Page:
“… We are called to play the Good Samaritan on life’s roadside; but that will be only an initial act. One day we must come to see that the whole Jericho road must be transformed so that men and women will not be constantly beaten and robbed as they make their journey on life’s highway. True compassion is more than flinging a coin to a beggar; it is not haphazard and superficial. It comes to see that an edifice which produces beggars needs restructuring.”

The PWJ coordinators spent two intense days together under the leadership of Mark Harrison, director of the Peace with Justice Program, and other staff from the General Board of Church and Society. The time was filled with worship, learning from experts on domestic and international issues we are involved in, and sharing about what is going on in our conferences. More information will be shared in the weeks to come.

The guiding prayer during the time together was: “God of Peace with Justice, we are grateful for your healing Spirit in our world. We confess that we have been hurt, broken, and divided. We sing for the day when there is no war and injustice on earth. Guide global political leaders and religions to work towards peace with justice for our fragile world. Inspire all of us to be peacemakers.”

Peace with Justice Sunday is one of our churchwide special Sundays and is celebrated the Sunday after Pentecost. This year it falls on June 16. Congregations can also choose another Sunday to observe PWJ Sunday. Resources can be found here.

-- Andrea Paret, Great Plains peace with justice coordinator

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Groups approve plan to
divvy up slashed budget

After almost a week of sometimes tense conversation, the Connectional Table and General Council on Finance and Administration last week each approved allocations in a slashed budget. A big sticking point was the 35 percent budget cut for United Methodist Communications, which includes UMNews.

Read more from UM News Service.

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Resources helps equip
church leaders with information, tools

United Methodist Communications is pleased to announce their new leadership-focused website The site — that launched this month — was developed as a centralized portal to equip United Methodist leaders across the globe with helpful information, tools and multilingual assets.

This single web address eliminates the need to bookmark multiple denominational websites, as it provides easy access to all of the agencies of The United Methodist Church and their ministry resources. The easy-to-navigate website simplifies locating relevant and engaging content aggregated from across the connection, saving leaders precious time. The robust mix of insightful materials provided include the how-to’s of doing ministry, as well as ones that will motivate, encourage and inspire those in leadership roles.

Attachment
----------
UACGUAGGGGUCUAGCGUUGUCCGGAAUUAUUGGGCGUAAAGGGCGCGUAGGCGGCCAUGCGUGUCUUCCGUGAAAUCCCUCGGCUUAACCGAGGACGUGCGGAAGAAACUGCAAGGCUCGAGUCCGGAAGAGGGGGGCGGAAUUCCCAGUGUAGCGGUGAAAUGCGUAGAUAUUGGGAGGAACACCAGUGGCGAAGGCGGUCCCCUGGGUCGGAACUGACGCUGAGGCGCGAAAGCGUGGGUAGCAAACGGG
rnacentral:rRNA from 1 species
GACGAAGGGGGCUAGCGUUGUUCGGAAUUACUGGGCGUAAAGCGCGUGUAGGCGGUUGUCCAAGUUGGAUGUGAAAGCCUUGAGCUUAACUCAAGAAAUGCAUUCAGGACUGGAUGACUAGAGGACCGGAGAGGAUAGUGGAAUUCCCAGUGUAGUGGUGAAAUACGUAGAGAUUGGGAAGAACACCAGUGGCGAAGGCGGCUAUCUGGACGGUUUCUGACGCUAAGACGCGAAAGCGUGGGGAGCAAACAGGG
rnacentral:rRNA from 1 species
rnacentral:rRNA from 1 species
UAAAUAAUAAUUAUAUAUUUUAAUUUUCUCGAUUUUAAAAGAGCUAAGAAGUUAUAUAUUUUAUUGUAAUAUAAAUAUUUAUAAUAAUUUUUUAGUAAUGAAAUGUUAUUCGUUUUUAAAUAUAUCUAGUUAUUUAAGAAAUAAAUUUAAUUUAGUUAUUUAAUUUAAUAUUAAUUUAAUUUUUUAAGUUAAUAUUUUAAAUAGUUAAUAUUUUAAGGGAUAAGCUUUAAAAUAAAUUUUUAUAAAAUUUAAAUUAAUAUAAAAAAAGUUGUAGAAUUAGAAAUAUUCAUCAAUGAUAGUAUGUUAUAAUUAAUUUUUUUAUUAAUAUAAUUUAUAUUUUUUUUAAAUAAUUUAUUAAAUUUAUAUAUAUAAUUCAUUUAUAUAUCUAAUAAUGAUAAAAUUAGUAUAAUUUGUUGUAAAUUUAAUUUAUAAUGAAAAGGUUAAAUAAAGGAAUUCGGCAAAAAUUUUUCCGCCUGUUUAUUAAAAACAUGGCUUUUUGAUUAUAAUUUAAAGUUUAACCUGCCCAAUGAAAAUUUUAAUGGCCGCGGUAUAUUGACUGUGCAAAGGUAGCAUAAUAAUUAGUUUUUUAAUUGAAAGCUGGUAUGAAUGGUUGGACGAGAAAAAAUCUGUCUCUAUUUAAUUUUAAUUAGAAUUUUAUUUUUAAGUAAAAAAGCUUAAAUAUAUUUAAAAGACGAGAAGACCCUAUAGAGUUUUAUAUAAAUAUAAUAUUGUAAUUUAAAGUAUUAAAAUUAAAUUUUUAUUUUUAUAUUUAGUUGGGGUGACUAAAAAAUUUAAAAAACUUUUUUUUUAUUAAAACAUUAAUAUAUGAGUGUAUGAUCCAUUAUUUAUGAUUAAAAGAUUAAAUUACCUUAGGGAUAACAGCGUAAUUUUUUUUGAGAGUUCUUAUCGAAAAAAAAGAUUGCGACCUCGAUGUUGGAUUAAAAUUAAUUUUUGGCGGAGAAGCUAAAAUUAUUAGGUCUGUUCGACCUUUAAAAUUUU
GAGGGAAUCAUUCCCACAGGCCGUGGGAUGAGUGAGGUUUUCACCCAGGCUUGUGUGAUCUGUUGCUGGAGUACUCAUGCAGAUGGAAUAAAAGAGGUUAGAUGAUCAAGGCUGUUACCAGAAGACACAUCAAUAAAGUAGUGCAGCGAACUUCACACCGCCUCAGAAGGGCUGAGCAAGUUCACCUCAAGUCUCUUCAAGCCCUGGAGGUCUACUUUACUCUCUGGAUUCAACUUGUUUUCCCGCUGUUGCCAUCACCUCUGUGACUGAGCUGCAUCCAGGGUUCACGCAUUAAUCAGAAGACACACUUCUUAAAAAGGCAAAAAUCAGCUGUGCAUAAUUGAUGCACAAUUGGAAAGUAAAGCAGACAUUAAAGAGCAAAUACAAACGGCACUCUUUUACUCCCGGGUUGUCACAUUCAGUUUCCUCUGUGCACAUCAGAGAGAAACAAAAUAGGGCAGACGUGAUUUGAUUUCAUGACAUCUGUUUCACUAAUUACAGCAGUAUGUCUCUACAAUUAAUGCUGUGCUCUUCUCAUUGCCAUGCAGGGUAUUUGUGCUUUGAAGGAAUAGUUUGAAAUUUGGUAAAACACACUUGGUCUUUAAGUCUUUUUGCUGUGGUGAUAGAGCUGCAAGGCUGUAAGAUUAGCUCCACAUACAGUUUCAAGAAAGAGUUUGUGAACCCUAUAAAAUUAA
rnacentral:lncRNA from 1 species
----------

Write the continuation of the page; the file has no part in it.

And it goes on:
Read more about the new site here.

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Pastor, leader’s kits available
for Native American Sunday

Native American Ministries Sunday is scheduled for May 5. Pastor and Leader’s Kits have resources to help you promote the special Sunday. You can post some of these resources on all your social media outlets. This website also provides a downloadable poster and a bulletin insert you can print out and insert in your church bulletin the week prior to this special Sunday.

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Across the Connection

Pittsburg UMC dedicates pipe organ,
sanctuary on 140th anniversary

First United Methodist Church of Pittsburg completed years of planning, prayer and hard work on Sunday, March 24, with the dedication and consecration of a new organ, and a sanctuary renovation that included a new altar, new communion table, new pew cushions and other related furnishings. 

More than 400 people, including members of the congregation, others from the community and visitors from places far and near, filled the sanctuary for the event, which was also a celebration of the congregation's 140th year of ministry in Pittsburg and the 105th anniversary of the construction of the current church building.